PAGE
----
- Do you have Amex One Point? (This gets you your Amex transactions funded as quickly as the other card brands and makes reconciliation easier.)
- Will my fees be debited monthly or daily? (This should be up to you to choose.)
- What type of online reporting will be made available to me? (This should be free and a demo should be offered if requested.)
- Are there fees to reprogram my existing equipment or payment gateway? (There shouldn’t be any fees from the credit-card processor, but be sure to check with your service provider if you have a point-of-sale system as they often will charge a new integration fee.)
4. Know what customer service is available to you.
All reputable processors will offer 24/7 customer and tech support for no additional charge. Better yet, be sure that the rep who is setting you up will be available to help point you in the right direction when you need it. Your time is valuable.
5. Get up to date with your equipment and software.
If you take (or plan to take) swiped credit-card transactions via a credit-card terminal, you need to be up to date with EMV (EuroPay MasterCard Visa aka chip technology) equipment. Some providers are offering this for free to help you be ready for the October 2015 deadline to have this technology.
Ask what the cost is, and if there is a free equipment option in exchange for a reasonable contract term. Don’t lease — it will always cost you too much! If you’re processing in a card-not-present manner, make sure your virtual terminal or payment gateway is offering all of the functions you need.
For example, would it save you time to have your customers’ credit card charged on a monthly recurring cycle instead of having someone in your office charge it manually each month? Switch to an inexpensive ($10 or less per month) virtual-terminal solution such as www.PayHub.com that will allow you to do this without additional labor.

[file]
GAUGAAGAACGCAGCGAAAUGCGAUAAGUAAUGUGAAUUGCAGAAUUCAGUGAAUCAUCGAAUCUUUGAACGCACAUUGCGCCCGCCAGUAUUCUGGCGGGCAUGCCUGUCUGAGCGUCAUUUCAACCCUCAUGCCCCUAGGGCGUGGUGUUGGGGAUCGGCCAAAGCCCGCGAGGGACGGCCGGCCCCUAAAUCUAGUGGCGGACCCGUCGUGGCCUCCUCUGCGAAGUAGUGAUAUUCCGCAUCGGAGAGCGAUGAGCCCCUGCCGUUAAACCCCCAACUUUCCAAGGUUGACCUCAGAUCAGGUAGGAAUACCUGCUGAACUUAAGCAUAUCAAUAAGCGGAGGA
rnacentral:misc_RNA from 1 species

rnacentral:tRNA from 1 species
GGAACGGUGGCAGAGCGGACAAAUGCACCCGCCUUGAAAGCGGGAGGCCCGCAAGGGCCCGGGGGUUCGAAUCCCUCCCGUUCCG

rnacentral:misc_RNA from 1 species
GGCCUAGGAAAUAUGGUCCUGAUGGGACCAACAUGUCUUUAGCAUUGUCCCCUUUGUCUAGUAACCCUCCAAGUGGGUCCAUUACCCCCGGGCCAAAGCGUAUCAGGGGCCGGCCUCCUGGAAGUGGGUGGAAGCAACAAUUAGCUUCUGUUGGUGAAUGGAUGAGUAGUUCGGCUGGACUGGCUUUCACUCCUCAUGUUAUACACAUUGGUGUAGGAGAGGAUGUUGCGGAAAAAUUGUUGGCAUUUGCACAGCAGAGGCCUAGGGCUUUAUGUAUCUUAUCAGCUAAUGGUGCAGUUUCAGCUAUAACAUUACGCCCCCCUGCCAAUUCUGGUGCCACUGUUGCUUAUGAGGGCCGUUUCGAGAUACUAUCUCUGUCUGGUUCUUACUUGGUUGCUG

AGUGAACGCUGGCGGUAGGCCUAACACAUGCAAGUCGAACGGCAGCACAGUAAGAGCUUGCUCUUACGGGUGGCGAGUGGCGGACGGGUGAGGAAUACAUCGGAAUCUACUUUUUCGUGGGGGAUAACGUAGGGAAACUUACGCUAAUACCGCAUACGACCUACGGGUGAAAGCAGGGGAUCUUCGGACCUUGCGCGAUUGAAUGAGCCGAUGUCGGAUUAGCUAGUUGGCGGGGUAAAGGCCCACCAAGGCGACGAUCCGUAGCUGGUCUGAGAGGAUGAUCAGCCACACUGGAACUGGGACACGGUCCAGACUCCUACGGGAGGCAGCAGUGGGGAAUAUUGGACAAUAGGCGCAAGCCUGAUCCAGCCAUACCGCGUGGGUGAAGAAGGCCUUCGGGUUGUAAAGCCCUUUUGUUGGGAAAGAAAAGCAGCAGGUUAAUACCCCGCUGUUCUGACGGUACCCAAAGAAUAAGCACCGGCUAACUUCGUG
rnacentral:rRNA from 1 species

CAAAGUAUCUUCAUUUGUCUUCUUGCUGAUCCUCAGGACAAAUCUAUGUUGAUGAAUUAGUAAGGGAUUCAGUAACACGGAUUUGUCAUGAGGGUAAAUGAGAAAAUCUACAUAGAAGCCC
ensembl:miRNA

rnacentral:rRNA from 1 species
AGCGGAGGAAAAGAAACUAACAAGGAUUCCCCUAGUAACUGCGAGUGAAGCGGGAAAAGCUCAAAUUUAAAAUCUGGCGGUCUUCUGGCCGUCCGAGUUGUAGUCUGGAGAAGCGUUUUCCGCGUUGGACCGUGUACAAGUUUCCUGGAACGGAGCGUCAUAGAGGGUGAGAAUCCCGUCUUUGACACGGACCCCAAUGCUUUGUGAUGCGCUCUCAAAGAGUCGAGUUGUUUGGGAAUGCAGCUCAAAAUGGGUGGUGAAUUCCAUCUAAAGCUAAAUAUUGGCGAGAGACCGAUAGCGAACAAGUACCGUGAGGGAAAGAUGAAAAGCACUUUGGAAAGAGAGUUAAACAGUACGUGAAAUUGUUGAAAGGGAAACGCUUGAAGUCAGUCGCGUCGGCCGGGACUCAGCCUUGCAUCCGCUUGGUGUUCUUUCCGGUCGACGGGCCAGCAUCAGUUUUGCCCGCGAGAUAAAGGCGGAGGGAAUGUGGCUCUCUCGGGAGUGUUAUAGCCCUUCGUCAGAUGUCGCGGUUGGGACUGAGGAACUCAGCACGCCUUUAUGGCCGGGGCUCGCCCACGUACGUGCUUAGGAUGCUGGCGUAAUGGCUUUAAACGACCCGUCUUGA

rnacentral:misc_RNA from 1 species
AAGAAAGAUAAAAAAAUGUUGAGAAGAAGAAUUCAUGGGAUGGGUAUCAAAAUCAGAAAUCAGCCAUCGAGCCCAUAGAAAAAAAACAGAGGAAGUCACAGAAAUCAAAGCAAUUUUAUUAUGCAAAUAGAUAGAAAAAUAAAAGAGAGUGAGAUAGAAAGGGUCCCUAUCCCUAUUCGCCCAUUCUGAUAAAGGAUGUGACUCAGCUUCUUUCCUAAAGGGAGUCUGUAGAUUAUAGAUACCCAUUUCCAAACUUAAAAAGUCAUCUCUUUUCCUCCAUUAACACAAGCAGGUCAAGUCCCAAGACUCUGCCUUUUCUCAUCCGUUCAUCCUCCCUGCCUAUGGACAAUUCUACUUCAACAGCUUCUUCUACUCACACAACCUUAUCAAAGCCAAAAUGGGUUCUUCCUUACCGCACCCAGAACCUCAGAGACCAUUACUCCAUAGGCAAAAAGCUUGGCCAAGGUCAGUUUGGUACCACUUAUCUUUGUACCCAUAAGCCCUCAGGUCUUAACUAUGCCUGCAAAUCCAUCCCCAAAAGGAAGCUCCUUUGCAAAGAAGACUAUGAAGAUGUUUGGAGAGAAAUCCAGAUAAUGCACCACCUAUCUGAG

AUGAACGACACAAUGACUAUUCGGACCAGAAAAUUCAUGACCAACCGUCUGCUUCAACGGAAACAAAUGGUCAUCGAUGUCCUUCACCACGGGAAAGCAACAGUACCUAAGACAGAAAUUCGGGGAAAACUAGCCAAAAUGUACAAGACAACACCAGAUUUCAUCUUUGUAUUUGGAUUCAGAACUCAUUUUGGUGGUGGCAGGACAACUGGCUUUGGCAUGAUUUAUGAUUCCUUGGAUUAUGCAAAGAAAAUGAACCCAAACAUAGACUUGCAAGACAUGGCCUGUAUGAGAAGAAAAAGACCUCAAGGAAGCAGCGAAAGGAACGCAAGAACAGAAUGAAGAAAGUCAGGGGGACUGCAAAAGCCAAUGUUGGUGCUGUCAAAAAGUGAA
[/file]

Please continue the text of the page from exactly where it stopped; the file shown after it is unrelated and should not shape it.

6. Understand your existing contract terms.
If you find that your current processor has been over-charging you for years, and you have another processor that you trust and want to move your business to, ask the new processor if they can help pay out your early termination fee. In many cases they’ll split it with you if you sign a contract with them so that they can be sure they’ll eventually recoup that investment.
In other cases, it’s worth riding out an existing contract if there’s only a short time left until expiration. If the savings offered by a new provider will far outweigh the cost to exit, pay out of pocket and enter into a month-to-month agreement with the new processor.
The credit-card processing industry is complicated. It’s always best to have someone in your court who is advocating on your behalf and understands all facets of the business. This type of rep is paid by the credit card-processing companies, so take advantage of their knowledge and work closely to get you the best set up and rates. Ideally, the rep should be monitoring them continuously for you.
If you don’t know where to turn to find such a person to help you, reach out to me or ask a business owner you know who has nothing but praise for their merchant services rep. They are hard to find, but when you do, you’ll appreciate how much money and time you’ll save!
Equipping yourself with this information will make you an educated customer who knows the right questions to ask to keep your provider honest. Don’t continue to assume that “if it ain’t broke, don’t fix it.” You could be sitting on thousands of dollars of savings that could be going right back into your business.
Originally published at www.entrepreneur.com